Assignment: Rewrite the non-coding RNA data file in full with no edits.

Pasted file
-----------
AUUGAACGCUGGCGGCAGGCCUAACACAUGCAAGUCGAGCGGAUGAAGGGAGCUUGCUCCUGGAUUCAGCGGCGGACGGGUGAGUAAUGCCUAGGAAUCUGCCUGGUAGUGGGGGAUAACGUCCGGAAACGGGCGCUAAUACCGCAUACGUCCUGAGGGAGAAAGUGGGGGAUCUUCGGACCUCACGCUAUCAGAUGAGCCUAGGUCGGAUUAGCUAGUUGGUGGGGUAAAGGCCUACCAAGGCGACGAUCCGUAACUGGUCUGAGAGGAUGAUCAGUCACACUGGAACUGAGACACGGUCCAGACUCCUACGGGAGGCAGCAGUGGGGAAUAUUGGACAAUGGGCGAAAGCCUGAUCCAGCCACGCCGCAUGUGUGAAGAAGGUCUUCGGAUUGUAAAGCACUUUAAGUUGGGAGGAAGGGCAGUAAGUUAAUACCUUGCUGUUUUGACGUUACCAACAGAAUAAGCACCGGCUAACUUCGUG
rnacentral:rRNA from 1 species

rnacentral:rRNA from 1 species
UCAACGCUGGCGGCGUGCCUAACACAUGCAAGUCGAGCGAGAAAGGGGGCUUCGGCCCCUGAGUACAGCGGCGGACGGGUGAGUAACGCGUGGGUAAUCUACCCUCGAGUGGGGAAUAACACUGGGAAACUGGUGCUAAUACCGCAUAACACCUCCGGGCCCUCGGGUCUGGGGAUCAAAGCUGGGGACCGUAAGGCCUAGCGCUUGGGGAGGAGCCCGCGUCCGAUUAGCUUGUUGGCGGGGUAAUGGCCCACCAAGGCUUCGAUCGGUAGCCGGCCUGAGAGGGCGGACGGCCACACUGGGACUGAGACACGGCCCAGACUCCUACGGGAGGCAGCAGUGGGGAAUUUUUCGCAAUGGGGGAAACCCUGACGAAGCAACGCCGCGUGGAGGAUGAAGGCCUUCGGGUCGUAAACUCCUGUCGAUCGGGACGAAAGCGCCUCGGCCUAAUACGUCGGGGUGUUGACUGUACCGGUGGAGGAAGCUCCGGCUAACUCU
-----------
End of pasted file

AUUGAACGCUGGCGGCAGGCCUAACACAUGCAAGUCGAGCGGAUGAAGGGAGCUUGCUCCUGGAUUCAGCGGCGGACGGGUGAGUAAUGCCUAGGAAUCUGCCUGGUAGUGGGGGAUAACGUCCGGAAACGGGCGCUAAUACCGCAUACGUCCUGAGGGAGAAAGUGGGGGAUCUUCGGACCUCACGCUAUCAGAUGAGCCUAGGUCGGAUUAGCUAGUUGGUGGGGUAAAGGCCUACCAAGGCGACGAUCCGUAACUGGUCUGAGAGGAUGAUCAGUCACACUGGAACUGAGACACGGUCCAGACUCCUACGGGAGGCAGCAGUGGGGAAUAUUGGACAAUGGGCGAAAGCCUGAUCCAGCCACGCCGCAUGUGUGAAGAAGGUCUUCGGAUUGUAAAGCACUUUAAGUUGGGAGGAAGGGCAGUAAGUUAAUACCUUGCUGUUUUGACGUUACCAACAGAAUAAGCACCGGCUAACUUCGUG
rnacentral:rRNA from 1 species

rnacentral:rRNA from 1 species
UCAACGCUGGCGGCGUGCCUAACACAUGCAAGUCGAGCGAGAAAGGGGGCUUCGGCCCCUGAGUACAGCGGCGGACGGGUGAGUAACGCGUGGGUAAUCUACCCUCGAGUGGGGAAUAACACUGGGAAACUGGUGCUAAUACCGCAUAACACCUCCGGGCCCUCGGGUCUGGGGAUCAAAGCUGGGGACCGUAAGGCCUAGCGCUUGGGGAGGAGCCCGCGUCCGAUUAGCUUGUUGGCGGGGUAAUGGCCCACCAAGGCUUCGAUCGGUAGCCGGCCUGAGAGGGCGGACGGCCACACUGGGACUGAGACACGGCCCAGACUCCUACGGGAGGCAGCAGUGGGGAAUUUUUCGCAAUGGGGGAAACCCUGACGAAGCAACGCCGCGUGGAGGAUGAAGGCCUUCGGGUCGUAAACUCCUGUCGAUCGGGACGAAAGCGCCUCGGCCUAAUACGUCGGGGUGUUGACUGUACCGGUGGAGGAAGCUCCGGCUAACUCU